that's pretty heavy stuff.
Anne: It is heavy.
Gabby: Because how can you enter
any marketplace in business
without having a clear
indication of who you are
and what you do?
And what makes you marketable?
Anne: I absolutely think that
other people can help
see you from their perspective.
Gabby: True.
Anne: However, you really
have to know who you are
and I'm gonna say, one of
the most important things is
who you are as a singular brand,
it doesn't necessarily
have to be all voice-over.
For example, my brand,
well at least I hope,
my brand that I want to portray out there
is smart, tech savvy,
you know that professional voice
that you want you know behind your brand
to bring that intelligence out.
And that is who I am, that
is who I want my brand to be,
so before you go and ask
100 people who you are,
try to ask yourself the same question
and bring in the principles
of your core personality.
Not like, oh how do I sound,
because it's not just about how you sound,
it's about who you are as a person
and who you are as a person,
what you bring to your
voice and your product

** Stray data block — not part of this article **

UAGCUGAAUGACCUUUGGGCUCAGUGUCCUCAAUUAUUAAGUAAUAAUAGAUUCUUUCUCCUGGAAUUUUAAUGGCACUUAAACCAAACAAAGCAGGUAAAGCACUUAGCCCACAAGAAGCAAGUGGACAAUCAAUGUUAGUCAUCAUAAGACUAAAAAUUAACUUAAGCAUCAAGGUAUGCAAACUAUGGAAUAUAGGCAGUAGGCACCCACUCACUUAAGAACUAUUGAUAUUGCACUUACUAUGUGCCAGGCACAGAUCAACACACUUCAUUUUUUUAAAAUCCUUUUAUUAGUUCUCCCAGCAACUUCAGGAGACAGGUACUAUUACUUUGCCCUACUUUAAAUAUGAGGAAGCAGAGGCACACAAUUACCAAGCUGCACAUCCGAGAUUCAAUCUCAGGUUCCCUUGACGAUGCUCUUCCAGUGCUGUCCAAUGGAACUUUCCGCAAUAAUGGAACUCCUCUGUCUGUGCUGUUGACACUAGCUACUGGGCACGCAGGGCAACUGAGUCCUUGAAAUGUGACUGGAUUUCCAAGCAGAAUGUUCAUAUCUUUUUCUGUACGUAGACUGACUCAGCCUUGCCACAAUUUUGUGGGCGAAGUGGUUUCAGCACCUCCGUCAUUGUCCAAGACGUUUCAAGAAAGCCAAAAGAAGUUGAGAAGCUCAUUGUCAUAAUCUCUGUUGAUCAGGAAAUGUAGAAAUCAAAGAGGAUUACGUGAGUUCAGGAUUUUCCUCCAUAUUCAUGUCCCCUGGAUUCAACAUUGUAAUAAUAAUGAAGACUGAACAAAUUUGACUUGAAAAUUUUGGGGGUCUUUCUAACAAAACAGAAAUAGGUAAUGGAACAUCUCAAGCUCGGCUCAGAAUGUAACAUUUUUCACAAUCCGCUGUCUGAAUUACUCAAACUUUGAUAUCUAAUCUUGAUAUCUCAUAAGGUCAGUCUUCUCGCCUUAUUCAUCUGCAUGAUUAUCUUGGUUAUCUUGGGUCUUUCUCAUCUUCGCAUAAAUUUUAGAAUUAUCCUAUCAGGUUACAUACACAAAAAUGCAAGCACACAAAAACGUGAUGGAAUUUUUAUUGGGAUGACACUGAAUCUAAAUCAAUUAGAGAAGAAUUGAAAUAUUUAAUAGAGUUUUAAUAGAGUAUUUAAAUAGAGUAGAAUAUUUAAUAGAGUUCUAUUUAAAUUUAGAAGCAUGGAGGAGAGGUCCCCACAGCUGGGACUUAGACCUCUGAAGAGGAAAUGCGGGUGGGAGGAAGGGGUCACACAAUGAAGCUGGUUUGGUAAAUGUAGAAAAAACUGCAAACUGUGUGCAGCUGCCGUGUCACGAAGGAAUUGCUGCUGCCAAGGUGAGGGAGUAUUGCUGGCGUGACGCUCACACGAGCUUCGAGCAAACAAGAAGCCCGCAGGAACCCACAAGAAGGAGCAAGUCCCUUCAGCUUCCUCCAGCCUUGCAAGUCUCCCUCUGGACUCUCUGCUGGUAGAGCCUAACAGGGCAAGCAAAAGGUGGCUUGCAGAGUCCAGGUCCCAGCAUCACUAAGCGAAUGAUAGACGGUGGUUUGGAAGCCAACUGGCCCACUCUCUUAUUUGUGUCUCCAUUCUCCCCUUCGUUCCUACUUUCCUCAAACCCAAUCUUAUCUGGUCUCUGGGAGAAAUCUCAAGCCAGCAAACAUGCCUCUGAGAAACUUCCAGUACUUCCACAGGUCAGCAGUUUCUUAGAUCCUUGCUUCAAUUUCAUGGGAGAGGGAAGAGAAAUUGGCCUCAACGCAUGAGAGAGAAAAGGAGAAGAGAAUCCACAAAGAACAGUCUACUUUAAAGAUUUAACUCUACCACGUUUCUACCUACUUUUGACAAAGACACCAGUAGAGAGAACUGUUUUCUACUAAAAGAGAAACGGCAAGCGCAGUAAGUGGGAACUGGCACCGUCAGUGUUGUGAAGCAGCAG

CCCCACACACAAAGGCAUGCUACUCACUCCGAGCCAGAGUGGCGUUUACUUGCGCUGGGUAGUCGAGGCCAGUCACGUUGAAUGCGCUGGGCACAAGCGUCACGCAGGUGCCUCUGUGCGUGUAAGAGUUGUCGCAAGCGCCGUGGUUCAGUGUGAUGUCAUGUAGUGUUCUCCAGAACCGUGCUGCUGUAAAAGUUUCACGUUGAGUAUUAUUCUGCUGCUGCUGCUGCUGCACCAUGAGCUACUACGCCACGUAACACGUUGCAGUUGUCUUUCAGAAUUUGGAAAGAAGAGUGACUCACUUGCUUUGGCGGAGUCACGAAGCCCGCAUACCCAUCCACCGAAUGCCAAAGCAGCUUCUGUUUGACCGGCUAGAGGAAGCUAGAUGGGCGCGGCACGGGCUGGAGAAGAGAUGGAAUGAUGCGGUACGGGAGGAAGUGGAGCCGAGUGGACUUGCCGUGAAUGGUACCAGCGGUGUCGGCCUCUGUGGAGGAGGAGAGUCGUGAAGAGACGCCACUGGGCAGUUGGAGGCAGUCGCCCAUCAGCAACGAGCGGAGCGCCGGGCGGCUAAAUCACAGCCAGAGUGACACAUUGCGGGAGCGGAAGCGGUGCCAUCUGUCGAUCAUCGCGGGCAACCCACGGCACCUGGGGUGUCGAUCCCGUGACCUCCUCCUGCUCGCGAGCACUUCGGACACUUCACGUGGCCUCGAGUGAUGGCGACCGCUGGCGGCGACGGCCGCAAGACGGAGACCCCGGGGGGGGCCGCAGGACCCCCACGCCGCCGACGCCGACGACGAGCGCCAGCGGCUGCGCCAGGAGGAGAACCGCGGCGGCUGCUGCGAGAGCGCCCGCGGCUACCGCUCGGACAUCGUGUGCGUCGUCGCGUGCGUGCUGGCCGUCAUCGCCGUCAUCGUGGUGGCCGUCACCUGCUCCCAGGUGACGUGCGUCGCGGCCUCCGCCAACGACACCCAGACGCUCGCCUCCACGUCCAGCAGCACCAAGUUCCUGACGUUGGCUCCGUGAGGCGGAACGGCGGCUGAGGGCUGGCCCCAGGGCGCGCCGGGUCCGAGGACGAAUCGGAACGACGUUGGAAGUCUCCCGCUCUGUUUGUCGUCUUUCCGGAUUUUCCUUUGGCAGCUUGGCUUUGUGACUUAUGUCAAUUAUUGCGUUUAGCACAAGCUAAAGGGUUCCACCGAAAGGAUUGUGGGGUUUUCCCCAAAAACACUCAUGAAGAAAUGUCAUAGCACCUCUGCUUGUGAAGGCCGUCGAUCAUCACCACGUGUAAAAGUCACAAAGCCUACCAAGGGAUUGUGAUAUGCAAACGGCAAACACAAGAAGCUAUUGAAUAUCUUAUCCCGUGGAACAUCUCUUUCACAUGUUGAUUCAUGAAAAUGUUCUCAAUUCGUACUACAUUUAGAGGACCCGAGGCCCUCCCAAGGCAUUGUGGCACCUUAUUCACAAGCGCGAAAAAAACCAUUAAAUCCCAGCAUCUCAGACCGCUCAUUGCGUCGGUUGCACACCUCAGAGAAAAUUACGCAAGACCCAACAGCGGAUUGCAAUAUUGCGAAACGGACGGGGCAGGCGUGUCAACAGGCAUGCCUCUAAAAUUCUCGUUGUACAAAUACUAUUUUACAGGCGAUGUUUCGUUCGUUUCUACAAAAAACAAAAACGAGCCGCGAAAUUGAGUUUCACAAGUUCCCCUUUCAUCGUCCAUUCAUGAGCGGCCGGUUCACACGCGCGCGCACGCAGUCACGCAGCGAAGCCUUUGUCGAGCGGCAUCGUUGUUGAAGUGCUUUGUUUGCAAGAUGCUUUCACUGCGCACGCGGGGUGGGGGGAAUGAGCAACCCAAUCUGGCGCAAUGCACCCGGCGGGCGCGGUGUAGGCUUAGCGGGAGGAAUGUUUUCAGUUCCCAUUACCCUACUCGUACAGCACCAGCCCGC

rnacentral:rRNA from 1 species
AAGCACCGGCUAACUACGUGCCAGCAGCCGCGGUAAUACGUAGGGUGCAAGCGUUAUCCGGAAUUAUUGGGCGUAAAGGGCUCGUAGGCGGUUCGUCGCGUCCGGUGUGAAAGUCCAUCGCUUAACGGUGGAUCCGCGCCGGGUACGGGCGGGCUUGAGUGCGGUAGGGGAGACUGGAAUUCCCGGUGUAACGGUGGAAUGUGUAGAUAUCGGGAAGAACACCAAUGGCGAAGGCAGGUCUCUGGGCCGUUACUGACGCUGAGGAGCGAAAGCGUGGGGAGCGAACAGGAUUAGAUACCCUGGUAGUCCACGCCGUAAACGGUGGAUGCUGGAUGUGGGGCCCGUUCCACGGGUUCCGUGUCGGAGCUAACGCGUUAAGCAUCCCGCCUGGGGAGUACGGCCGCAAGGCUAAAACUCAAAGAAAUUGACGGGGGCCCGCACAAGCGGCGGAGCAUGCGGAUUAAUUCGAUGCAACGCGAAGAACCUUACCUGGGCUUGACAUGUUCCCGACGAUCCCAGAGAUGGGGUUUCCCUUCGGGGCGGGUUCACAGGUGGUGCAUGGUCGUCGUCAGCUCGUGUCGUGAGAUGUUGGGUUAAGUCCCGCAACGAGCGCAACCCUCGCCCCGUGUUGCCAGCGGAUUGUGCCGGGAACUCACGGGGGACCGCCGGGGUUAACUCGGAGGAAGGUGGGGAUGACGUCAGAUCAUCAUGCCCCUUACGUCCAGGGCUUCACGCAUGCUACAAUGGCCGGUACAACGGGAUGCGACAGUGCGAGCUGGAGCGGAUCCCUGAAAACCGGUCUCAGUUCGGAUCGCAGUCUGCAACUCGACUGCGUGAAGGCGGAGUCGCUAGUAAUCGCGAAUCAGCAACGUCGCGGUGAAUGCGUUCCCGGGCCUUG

as a person, that doesn't necessarily say,
oh I'm raspy, friendly, conversational,
that's not just about that.
And Gabby, so important,
it's not just about a tagline,
it really has nothing
to do with your tagline.
Gabby: Hey!
Anne: Or it can have something
to do with your tagline,
but taglines are not
completely definitive,
(Gabby laughing)
of the brand, right?
Gabby: No they're not, they're not.
Anne: They're so much more.
Gabby: It's true, so there's
a couple points here
that I wanna make.
So the first goes back to what
you were saying a minute ago,
you can also reverse
engineer that process.
Sometimes you can start
out by first of all,
figuring out what you aren't.
Who am I not, is a great way
to narrow down your brand
because it eliminates
a whole bunch of stuff
and the other thing that
you have to ask yourself
is what do I want?
See now, Anne, you said
something really critical
when you said, I want to
be known or seen as smart.
And that's the key, what do you want?
Because what you want, ultimately,
is where the brand success comes from
and how you identify that market share,
that's what every business goes through
regardless of what they sell
or what service they provide.
What do you want, hugely important.
Anne: And then also keeping in mind though
that what you want is synonymous
with a valuable product
for the marketplace.